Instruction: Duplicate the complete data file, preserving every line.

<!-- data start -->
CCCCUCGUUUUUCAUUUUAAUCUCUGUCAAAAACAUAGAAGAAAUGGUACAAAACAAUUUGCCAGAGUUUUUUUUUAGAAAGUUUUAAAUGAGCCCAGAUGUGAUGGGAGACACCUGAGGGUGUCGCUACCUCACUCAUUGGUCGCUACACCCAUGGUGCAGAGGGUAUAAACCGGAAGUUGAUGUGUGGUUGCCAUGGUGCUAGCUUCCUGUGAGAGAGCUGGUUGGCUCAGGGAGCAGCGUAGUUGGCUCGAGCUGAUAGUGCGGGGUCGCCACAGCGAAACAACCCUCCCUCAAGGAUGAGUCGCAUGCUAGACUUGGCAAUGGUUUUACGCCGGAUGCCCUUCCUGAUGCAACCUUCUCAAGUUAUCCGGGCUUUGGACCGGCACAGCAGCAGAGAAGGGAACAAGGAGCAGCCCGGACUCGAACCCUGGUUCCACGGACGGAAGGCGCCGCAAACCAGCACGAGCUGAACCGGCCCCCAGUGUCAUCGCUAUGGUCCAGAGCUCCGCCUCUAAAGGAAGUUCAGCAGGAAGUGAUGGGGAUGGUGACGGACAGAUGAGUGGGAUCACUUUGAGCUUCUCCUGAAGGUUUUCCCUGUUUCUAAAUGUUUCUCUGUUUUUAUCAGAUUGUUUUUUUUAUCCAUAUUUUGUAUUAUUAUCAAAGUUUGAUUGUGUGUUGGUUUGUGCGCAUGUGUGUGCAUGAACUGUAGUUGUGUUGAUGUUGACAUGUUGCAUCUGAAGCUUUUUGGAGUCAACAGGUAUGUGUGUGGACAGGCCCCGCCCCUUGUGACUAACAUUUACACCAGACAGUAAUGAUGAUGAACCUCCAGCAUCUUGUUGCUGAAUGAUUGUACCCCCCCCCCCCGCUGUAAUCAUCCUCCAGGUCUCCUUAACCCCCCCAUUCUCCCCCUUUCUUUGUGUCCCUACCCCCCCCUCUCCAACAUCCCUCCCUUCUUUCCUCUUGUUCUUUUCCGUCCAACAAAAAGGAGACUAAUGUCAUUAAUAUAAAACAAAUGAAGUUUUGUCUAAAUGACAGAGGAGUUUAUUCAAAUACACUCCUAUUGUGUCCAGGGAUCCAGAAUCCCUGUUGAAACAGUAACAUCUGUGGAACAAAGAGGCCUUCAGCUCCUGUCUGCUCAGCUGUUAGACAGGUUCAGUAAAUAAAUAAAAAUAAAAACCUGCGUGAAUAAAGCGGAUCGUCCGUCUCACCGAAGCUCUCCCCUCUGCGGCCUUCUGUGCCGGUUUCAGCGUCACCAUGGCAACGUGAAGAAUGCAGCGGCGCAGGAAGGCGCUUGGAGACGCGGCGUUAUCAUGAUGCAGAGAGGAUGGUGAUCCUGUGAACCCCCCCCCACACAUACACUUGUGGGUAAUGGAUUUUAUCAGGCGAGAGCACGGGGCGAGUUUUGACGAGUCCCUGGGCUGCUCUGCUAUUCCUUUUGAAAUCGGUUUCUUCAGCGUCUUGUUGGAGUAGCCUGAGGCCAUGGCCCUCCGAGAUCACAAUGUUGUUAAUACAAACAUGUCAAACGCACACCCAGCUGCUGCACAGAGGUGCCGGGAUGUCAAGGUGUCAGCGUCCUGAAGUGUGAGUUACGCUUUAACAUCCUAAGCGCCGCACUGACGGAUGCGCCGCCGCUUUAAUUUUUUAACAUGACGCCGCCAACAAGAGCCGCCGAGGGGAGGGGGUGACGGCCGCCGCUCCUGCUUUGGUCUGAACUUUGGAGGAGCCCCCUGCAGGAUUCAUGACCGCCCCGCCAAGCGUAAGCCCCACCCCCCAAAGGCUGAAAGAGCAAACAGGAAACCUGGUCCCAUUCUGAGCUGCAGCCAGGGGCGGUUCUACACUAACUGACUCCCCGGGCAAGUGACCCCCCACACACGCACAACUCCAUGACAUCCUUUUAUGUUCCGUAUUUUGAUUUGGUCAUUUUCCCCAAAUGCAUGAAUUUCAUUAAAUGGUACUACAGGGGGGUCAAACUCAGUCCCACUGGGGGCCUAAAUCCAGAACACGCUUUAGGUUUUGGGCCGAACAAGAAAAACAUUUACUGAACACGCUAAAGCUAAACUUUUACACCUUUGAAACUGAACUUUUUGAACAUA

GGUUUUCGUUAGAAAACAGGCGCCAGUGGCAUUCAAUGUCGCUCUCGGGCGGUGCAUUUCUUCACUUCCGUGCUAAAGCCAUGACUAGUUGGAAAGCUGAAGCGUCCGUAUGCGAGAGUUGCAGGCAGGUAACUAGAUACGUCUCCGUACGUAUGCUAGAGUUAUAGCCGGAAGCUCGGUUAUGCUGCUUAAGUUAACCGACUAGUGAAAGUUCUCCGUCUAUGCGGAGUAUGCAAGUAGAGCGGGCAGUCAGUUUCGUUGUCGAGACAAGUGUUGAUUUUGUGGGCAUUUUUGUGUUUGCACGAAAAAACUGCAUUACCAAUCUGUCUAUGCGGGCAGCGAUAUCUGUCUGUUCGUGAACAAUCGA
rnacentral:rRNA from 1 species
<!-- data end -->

CCCCUCGUUUUUCAUUUUAAUCUCUGUCAAAAACAUAGAAGAAAUGGUACAAAACAAUUUGCCAGAGUUUUUUUUUAGAAAGUUUUAAAUGAGCCCAGAUGUGAUGGGAGACACCUGAGGGUGUCGCUACCUCACUCAUUGGUCGCUACACCCAUGGUGCAGAGGGUAUAAACCGGAAGUUGAUGUGUGGUUGCCAUGGUGCUAGCUUCCUGUGAGAGAGCUGGUUGGCUCAGGGAGCAGCGUAGUUGGCUCGAGCUGAUAGUGCGGGGUCGCCACAGCGAAACAACCCUCCCUCAAGGAUGAGUCGCAUGCUAGACUUGGCAAUGGUUUUACGCCGGAUGCCCUUCCUGAUGCAACCUUCUCAAGUUAUCCGGGCUUUGGACCGGCACAGCAGCAGAGAAGGGAACAAGGAGCAGCCCGGACUCGAACCCUGGUUCCACGGACGGAAGGCGCCGCAAACCAGCACGAGCUGAACCGGCCCCCAGUGUCAUCGCUAUGGUCCAGAGCUCCGCCUCUAAAGGAAGUUCAGCAGGAAGUGAUGGGGAUGGUGACGGACAGAUGAGUGGGAUCACUUUGAGCUUCUCCUGAAGGUUUUCCCUGUUUCUAAAUGUUUCUCUGUUUUUAUCAGAUUGUUUUUUUUAUCCAUAUUUUGUAUUAUUAUCAAAGUUUGAUUGUGUGUUGGUUUGUGCGCAUGUGUGUGCAUGAACUGUAGUUGUGUUGAUGUUGACAUGUUGCAUCUGAAGCUUUUUGGAGUCAACAGGUAUGUGUGUGGACAGGCCCCGCCCCUUGUGACUAACAUUUACACCAGACAGUAAUGAUGAUGAACCUCCAGCAUCUUGUUGCUGAAUGAUUGUACCCCCCCCCCCCGCUGUAAUCAUCCUCCAGGUCUCCUUAACCCCCCCAUUCUCCCCCUUUCUUUGUGUCCCUACCCCCCCCUCUCCAACAUCCCUCCCUUCUUUCCUCUUGUUCUUUUCCGUCCAACAAAAAGGAGACUAAUGUCAUUAAUAUAAAACAAAUGAAGUUUUGUCUAAAUGACAGAGGAGUUUAUUCAAAUACACUCCUAUUGUGUCCAGGGAUCCAGAAUCCCUGUUGAAACAGUAACAUCUGUGGAACAAAGAGGCCUUCAGCUCCUGUCUGCUCAGCUGUUAGACAGGUUCAGUAAAUAAAUAAAAAUAAAAACCUGCGUGAAUAAAGCGGAUCGUCCGUCUCACCGAAGCUCUCCCCUCUGCGGCCUUCUGUGCCGGUUUCAGCGUCACCAUGGCAACGUGAAGAAUGCAGCGGCGCAGGAAGGCGCUUGGAGACGCGGCGUUAUCAUGAUGCAGAGAGGAUGGUGAUCCUGUGAACCCCCCCCCACACAUACACUUGUGGGUAAUGGAUUUUAUCAGGCGAGAGCACGGGGCGAGUUUUGACGAGUCCCUGGGCUGCUCUGCUAUUCCUUUUGAAAUCGGUUUCUUCAGCGUCUUGUUGGAGUAGCCUGAGGCCAUGGCCCUCCGAGAUCACAAUGUUGUUAAUACAAACAUGUCAAACGCACACCCAGCUGCUGCACAGAGGUGCCGGGAUGUCAAGGUGUCAGCGUCCUGAAGUGUGAGUUACGCUUUAACAUCCUAAGCGCCGCACUGACGGAUGCGCCGCCGCUUUAAUUUUUUAACAUGACGCCGCCAACAAGAGCCGCCGAGGGGAGGGGGUGACGGCCGCCGCUCCUGCUUUGGUCUGAACUUUGGAGGAGCCCCCUGCAGGAUUCAUGACCGCCCCGCCAAGCGUAAGCCCCACCCCCCAAAGGCUGAAAGAGCAAACAGGAAACCUGGUCCCAUUCUGAGCUGCAGCCAGGGGCGGUUCUACACUAACUGACUCCCCGGGCAAGUGACCCCCCACACACGCACAACUCCAUGACAUCCUUUUAUGUUCCGUAUUUUGAUUUGGUCAUUUUCCCCAAAUGCAUGAAUUUCAUUAAAUGGUACUACAGGGGGGUCAAACUCAGUCCCACUGGGGGCCUAAAUCCAGAACACGCUUUAGGUUUUGGGCCGAACAAGAAAAACAUUUACUGAACACGCUAAAGCUAAACUUUUACACCUUUGAAACUGAACUUUUUGAACAUA

GGUUUUCGUUAGAAAACAGGCGCCAGUGGCAUUCAAUGUCGCUCUCGGGCGGUGCAUUUCUUCACUUCCGUGCUAAAGCCAUGACUAGUUGGAAAGCUGAAGCGUCCGUAUGCGAGAGUUGCAGGCAGGUAACUAGAUACGUCUCCGUACGUAUGCUAGAGUUAUAGCCGGAAGCUCGGUUAUGCUGCUUAAGUUAACCGACUAGUGAAAGUUCUCCGUCUAUGCGGAGUAUGCAAGUAGAGCGGGCAGUCAGUUUCGUUGUCGAGACAAGUGUUGAUUUUGUGGGCAUUUUUGUGUUUGCACGAAAAAACUGCAUUACCAAUCUGUCUAUGCGGGCAGCGAUAUCUGUCUGUUCGUGAACAAUCGA
rnacentral:rRNA from 1 species